A20-OLinuXino-MICRO-n8GB is a single-board computer in a very compact form. It uses the Allwinner Technology A20 Dual-Core ARM Cortex-A7 processor.
A20-OLinuXino-MICRO-n8GB has everything you might possibly need from the board: HDMI, plenty of memory, two SD card connectors, and plenty of GPIOs. It is suitable for embedded programming enthusiasts, Linux gadget fans and also professionals since its low cost makes it a good solution for application-orientated embedded systems. It allows embedded software development without fully needing to understand the hardware side.
This version of the A20-OLinuXino-MICRO-n8GB comes with 8GB External NAND Flash. The board can boot from NAND Flash or a microSD card (running from NAND Flash is 2-3 times faster). Debian Linux and Android 4.2.2 and images are available to download. An Android image comes pre-installed in the NAND Flash. You also can download the A20-TOOLS app that allows you to test UART, I2C and GPIOs under Android.
In addition, the official Debian 8.0 Jessie release now has a Device Tree Blob specific to this board. However, it is designed to run from a microSD card; running it from NAND Flash is not supported.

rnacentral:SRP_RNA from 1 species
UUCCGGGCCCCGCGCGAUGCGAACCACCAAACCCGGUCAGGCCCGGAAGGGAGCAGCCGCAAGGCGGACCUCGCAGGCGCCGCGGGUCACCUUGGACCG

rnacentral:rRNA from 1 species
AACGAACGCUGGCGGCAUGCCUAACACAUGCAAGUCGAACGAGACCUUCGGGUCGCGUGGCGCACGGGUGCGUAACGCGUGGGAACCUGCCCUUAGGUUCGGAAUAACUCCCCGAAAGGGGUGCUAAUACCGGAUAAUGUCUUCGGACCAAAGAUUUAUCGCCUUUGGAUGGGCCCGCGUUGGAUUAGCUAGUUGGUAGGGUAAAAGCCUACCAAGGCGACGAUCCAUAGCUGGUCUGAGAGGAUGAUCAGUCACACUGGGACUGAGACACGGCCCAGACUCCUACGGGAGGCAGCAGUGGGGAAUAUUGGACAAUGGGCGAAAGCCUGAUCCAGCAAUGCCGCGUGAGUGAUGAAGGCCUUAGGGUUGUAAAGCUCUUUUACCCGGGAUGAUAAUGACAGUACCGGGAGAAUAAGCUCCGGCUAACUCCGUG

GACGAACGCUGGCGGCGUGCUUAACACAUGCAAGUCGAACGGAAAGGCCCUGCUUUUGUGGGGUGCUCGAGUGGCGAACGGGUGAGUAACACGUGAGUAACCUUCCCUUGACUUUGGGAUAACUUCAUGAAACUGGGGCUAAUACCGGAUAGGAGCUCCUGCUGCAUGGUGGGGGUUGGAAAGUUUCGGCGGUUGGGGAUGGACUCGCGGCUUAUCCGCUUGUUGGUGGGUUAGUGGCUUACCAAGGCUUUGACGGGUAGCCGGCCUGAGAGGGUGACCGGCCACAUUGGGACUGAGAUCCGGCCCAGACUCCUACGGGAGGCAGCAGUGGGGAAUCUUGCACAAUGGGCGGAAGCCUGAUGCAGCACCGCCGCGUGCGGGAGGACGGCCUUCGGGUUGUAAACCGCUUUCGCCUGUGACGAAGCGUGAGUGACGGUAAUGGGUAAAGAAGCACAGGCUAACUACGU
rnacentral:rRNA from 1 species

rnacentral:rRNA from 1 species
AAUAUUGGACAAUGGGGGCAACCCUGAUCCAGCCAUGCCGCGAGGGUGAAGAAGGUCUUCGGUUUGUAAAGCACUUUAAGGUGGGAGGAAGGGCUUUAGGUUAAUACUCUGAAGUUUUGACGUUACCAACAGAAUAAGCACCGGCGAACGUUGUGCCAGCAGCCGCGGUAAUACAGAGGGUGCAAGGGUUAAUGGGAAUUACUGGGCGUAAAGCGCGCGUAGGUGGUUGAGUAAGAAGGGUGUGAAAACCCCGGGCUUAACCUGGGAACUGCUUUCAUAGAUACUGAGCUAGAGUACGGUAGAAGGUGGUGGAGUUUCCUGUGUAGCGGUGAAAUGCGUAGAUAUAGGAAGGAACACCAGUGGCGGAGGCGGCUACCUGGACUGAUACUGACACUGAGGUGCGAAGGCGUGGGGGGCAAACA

This board is an open-source hardware and software project; see the links below to participate in the development discussion.
Warning: If your HDMI TV does not have a grounded power supply, it can damage the OLinuXino board. If you can't use a grounded TV, add the 1000V DC USB Isolator between your PC's USB2.0 port and the USB-to-Serial Cable, and keep that cable connected to the OLinuXino board. The cable and the isolator can be purchased from the options below.
You must shut down the OS properly before disconnecting the power supply, otherwise the NAND image can become corrupted. Simply issue $ sync followed by $ reboot -p and wait for it to finish before disconnecting the power. Note that the first time the board is turned on, it will take several minutes to boot up, as Android needs to create a lot of files and buffers when run for very first time.
For Android: There are separate images available to support the 7-inch LCD or the 10.1-inch LCD. The 7-inch image is pre-installed in the board's NAND Flash. You can download the 10.1-inch image from the Wiki and re-flash the board via the USB-OTG port (see the user manual for instructions). Other LCD sizes currently are unsupported under Android. HDMI 720p and LCD output work simultaneously. VGA output is not supported in the current Android images (you could use the HDMI-to-VGA adapter listed below).
For Linux: In the image available from the Wiki page (or on the SD card listed below), the default display setting is for HDMI 720p @ 60Hz. The Wiki page has instructions for changing to an LCD or VGA display (or for changing the HDMI settings, e.g. to 1080p).